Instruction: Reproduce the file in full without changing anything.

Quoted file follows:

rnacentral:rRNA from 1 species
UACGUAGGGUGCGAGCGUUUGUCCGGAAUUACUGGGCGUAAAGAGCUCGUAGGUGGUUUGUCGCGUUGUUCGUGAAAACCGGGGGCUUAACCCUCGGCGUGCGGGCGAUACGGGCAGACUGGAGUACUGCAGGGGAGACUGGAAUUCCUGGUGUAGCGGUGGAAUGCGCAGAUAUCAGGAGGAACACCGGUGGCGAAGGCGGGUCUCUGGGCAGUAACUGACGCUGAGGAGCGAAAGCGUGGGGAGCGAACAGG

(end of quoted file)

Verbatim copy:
rnacentral:rRNA from 1 species
UACGUAGGGUGCGAGCGUUUGUCCGGAAUUACUGGGCGUAAAGAGCUCGUAGGUGGUUUGUCGCGUUGUUCGUGAAAACCGGGGGCUUAACCCUCGGCGUGCGGGCGAUACGGGCAGACUGGAGUACUGCAGGGGAGACUGGAAUUCCUGGUGUAGCGGUGGAAUGCGCAGAUAUCAGGAGGAACACCGGUGGCGAAGGCGGGUCUCUGGGCAGUAACUGACGCUGAGGAGCGAAAGCGUGGGGAGCGAACAGG